Formula 1 is back, with one season to go before the 2021 regulation changes come into effect. At testing in Barcelona there seemed to be a slightly hedonistic element in the air, hopefully it sticks throughout the season and we could see a battle royal for the top three slots on the Drivers and Constructors championship.
2019 saw Mercedes-AMG Petronas beat the record of 5 consecutive championships; they’re now 6 time world champions, will it continue for 2020? Toto says it’s something they can be proud of, though equally they can’t get carried away with it. In this sport you’re only as good as your last race. Which is applicable to life too, you’re only as good as your last success. He’s open saying that if they fail in the 2020 bid for domination people will say it’s the end of the Mercedes-Petronas success story.
We had the opportunity to attend the 2019 Abu Dhabi race with Petronas, and got the chance to ask Toto a few questions. We’ve yet to meet a motorsport person as humble and engaging as him at this level. He comes across as a team player and brings to mind the saying ‘dirty hands bring clean money’, this is a team principle that has gotten his hands dirty and continues to do so. With no formal education for the position he occupies except an ethic to work hard and a passion for racing he’s done incredibly well being the most successful team principle in the sport.
M: You’ve got six consecutive wins, how does that make you feel as team principle?
TW: Formula 1 is the fiercest of all motorsport, it’s high-tech, has the best drivers, the most pressure, the largest media audience and the biggest global fan following in the world. That makes it a very good technology exercise for us and Petronas. We compete against Ferrari and winning what we have is something we can be proud of. Naturally we want to do well every year, though the clock goes back to zero with the beginning of a new season and you can’t take any credit from your past victories which is what makes F1 so exciting.
M: You are the most successful team principle in the history of F1, do you put that down to management style, personality or sheer passion for the sport?
TW: It’s interesting that you say that, for me this is surreal. I look at all these great team principles of the past, their track record and iconic heritage and I don’t feel like that at all. I protect myself, I’m in this every single day, I stay sceptical about my own contribution and the team’s performance, because if one day I think I’ve done really well, that’s the moment to quit, there’s not motivation anymore or the ambition to be better. My ambition is to be a better me today than I’ve been yesterday. I try to learn from my mistakes and mistakes often happen.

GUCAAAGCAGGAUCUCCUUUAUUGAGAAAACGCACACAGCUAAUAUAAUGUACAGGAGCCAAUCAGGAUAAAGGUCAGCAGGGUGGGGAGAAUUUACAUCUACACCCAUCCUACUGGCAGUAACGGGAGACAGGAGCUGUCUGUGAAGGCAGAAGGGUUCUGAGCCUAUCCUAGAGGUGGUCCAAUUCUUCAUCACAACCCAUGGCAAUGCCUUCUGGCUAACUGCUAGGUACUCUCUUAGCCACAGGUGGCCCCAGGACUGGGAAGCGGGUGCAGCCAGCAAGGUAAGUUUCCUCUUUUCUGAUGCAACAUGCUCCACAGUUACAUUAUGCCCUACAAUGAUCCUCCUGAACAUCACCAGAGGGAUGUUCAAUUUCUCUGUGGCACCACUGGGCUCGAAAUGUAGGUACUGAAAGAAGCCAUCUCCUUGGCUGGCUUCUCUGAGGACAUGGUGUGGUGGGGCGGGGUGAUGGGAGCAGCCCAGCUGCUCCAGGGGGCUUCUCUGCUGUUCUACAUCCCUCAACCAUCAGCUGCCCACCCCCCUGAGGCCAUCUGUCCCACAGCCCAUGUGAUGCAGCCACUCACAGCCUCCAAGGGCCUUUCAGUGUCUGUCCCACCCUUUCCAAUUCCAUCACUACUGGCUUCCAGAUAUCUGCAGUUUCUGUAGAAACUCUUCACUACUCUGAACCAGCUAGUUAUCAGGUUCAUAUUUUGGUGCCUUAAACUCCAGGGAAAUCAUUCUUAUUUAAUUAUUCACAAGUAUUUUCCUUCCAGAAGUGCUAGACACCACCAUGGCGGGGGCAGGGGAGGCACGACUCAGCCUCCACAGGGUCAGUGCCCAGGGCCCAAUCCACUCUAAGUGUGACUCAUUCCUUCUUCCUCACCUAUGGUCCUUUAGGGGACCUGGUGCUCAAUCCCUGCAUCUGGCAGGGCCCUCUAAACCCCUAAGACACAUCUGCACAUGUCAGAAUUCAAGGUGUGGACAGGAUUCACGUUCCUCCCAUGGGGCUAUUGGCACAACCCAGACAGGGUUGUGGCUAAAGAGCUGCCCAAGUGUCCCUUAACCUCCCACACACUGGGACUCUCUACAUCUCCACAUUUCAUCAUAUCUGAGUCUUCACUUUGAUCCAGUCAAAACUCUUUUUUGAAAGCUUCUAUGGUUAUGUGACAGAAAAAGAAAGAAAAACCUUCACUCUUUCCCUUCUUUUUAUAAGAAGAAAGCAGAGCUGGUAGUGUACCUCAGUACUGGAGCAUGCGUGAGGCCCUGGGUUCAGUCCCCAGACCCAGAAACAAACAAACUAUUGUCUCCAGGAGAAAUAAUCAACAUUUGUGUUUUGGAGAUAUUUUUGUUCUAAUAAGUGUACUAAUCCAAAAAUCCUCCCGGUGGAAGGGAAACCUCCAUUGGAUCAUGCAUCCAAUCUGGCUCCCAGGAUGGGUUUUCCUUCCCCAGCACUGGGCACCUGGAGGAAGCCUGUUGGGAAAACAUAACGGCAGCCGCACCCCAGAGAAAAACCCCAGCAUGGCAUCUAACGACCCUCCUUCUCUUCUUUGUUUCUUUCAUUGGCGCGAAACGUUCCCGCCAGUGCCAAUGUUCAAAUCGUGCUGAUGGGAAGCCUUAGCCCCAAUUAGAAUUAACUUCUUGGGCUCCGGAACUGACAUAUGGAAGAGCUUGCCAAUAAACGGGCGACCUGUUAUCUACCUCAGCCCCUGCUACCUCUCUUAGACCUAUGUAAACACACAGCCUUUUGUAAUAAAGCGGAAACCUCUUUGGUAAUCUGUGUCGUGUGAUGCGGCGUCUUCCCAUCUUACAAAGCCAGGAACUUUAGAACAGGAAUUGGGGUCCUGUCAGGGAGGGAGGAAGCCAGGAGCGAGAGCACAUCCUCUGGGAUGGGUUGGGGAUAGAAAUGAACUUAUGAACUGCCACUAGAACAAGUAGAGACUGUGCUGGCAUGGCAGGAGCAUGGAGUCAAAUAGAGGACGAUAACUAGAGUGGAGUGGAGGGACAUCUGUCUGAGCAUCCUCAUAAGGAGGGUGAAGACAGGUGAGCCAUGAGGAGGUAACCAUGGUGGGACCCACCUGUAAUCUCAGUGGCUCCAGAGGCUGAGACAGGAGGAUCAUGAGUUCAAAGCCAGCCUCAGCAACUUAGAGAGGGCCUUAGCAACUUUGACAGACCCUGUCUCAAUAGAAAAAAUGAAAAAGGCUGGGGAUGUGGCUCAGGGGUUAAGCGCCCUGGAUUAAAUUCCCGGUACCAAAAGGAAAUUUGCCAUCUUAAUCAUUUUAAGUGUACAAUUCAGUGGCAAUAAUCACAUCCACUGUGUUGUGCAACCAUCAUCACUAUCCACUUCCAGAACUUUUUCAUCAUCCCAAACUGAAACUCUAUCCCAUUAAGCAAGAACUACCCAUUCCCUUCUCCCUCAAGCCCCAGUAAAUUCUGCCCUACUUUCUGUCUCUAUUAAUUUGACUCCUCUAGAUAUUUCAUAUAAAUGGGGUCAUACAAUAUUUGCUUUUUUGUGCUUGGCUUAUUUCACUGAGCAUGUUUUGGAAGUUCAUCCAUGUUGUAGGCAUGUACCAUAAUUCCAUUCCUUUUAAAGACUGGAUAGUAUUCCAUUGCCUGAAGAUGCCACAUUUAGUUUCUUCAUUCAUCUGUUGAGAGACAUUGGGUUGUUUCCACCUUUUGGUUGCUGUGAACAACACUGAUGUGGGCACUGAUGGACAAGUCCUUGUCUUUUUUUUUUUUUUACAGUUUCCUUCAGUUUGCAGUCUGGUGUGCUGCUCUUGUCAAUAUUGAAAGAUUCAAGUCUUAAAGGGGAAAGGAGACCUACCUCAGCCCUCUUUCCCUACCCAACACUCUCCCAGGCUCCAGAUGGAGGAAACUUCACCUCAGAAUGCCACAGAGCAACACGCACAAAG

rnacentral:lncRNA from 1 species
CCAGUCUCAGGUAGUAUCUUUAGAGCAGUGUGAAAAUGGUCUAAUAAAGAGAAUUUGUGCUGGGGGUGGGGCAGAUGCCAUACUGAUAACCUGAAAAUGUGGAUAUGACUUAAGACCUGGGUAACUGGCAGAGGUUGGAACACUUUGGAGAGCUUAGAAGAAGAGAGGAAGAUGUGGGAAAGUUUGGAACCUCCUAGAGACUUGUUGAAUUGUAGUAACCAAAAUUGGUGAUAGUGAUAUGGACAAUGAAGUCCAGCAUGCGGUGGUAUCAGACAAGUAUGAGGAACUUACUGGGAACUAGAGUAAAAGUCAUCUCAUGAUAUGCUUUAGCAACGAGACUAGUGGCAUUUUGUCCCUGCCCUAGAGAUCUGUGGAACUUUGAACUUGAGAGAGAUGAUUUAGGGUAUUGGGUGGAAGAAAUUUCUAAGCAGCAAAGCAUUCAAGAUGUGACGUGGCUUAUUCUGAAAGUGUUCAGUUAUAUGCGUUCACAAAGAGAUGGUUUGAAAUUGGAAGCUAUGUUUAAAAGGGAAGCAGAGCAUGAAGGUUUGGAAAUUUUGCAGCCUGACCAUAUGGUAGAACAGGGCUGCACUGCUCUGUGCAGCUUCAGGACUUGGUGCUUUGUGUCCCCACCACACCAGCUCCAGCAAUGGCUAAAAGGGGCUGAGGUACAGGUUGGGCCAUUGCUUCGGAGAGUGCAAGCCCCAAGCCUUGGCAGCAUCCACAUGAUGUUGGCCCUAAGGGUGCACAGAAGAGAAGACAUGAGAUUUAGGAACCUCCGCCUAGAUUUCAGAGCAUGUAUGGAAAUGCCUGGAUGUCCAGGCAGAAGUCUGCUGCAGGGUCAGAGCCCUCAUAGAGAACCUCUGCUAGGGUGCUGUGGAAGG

M: How do you deal with the pressure, how do you deal with all of this, constantly going at 110%?
TW: Pills (laughs). No. It’s a high-pressure environment and like many sports teams out there you’re permanently benchmarked, it’s very different to a normal business where you can suffer from analysts that benchmark every quarter, four times a year. But we are being benchmarked 21 times a year. And that makes it a high-pressure environment and it’s also what we like. The truth is we are all human, and we have our good moments and our bad moments and you just need to be able to recover, regenerate and take pleasure, passion and purpose in what you do. It’s not that I wake up every morning and say “I love what I do”, there are many mornings where I think it’s too much. It’s important to remind yourself that it’s the same for everybody else. You need to edge out a little bit more, push a little bit more and take a kind of satisfaction from that.
M: What you’ve learnt from 2019, how much of it is going to transfer to 2020?
TW: For 2020 the regulations are stable. A lot of the learning from 2019 we can translate into 2020. That said, this year is going to be challenging in our prep work for the regulation change for the 2021 season. We need to balance continuing to develop the 2020 car and equally providing the resources for the 2021 journey, it’s going to be an interesting exercise.
M: With the 2021 regulation changes coming up many teams have openly stated they’re just treading water until that point. What rule changes will pose a challenge for Mercedes-AMG Petronas?
TW: I think for 2021 there are some really good holistic targets to make overtaking easier and following a car much better. It equally means the window of innovation will be reduced. The gains that we’ll be able to extrapolate from aerodynamic performance will be much smaller than we had in 2019 and it makes it an interesting playing field. We won’t see three seconds between the first and the last car, we’ll probably see a second and half which will bring more variation of who is leading and if you get it wrong you’re not going to be fourth or fifth, but tenth. And this is an exciting prospect.
Whatever happens in the rest of the 2020 season, winning is not down to one man. It’s a successful combination of efforts and we look forward to seeing who’ll be standing on the top of the podium at the end of the season.